The Central Board of Secondary Education (CBSE) has issued guidelines, asking its schools to form anti-bullying committees.
The circular also says that the message - ‘Bullying is strictly prohibited inside the school premises and no such act will go unnoticed or punished’ - must be clearly mentioned in the school prospectus and other guidelines circulated by schools.
Bullying can be direct (through physical intimidation or attacks, verbal abuse, unwanted attention and advances, damaging property) or can be indirect (through spreading malicious rumours). It can also include cyber-bullying (sending unpleasant SMS messages, photos or emails, to the victim or to others), reads the circular.
The CBSE points out that bullying has severe detrimental effects on the victims. The effects can be immediate and can also be long-term.
“In every bullying situation, there are typically three key parties: the victim, the bully or bullies, and those who stand by (bystanders), who are aware of the bullying. Each of these three parties is affected negatively by bullying,” the guideline reads.
CBSE coordinator in Lucknow, Jawaid Alam Khan said the guidelines were a welcome move and these would be implemented in the larger interest of students.
WHO IS RESPONSIBLE TO PREVENT IT?
An Anti-Bullying Committee may be constituted in schools, comprising of vice-principal, a senior teacher, school doctor, counsellor, PTA representative, school management representative, legal representative, peer educators etc.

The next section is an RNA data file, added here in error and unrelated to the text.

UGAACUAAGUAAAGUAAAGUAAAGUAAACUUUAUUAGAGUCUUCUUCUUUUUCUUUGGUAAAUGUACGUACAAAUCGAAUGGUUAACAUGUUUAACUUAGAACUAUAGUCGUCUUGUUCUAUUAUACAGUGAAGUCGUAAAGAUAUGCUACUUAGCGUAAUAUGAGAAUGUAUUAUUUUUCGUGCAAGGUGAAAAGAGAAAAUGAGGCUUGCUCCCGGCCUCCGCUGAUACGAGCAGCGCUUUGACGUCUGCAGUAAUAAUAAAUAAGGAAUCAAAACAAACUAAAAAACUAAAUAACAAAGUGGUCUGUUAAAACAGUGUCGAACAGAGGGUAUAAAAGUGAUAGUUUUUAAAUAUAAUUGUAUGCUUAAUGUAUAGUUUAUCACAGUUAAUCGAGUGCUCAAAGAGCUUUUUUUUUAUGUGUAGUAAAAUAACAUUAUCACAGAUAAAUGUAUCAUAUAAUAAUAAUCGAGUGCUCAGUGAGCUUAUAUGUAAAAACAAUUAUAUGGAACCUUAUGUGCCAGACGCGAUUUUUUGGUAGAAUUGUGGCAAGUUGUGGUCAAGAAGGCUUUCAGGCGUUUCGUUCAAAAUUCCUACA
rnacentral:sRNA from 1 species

Their responsibilities would include development and review of bullying prevention plan and its implementation, along with developing training programmes for staff, students, and parents, creating awareness, being vigilant and observing signs of bullying and responding quickly and sensitively. The responsibility of preventing any undesirable aspect of bullying rests jointly and also individually on all stakeholders, including the head of the institution, teachers, staff, students, parents and local community.
COUNSELLOR IS A MUST
Arrangements for a counsellor for primary, middle, secondary and senior secondary school may be made where possible. Occurrence of bullying and ragging is more probable in case of residential schools due to the amount of time spent together by students, making it essential that counsellors and wardens in such schools are sensitised to the changing dynamics of student interaction.
SENSITISATION OF STUDENTS
It is necessary that students are sensitised about human rights, democratic values, respect for diversity and privacy of others. Schools must take initiative to conduct activities to educate and develop the understanding of students, staff and parents about the problem and effects of bullying.
Life skills education including building of positive self-esteem, empathy, dealing with anger, and resisting peer pressure need to be conscientiously taken up.
Family background and values play a crucial role in emotional and psychological well being of a child. The role of parents must be reinforced in parent-teacher meetings and other school committees.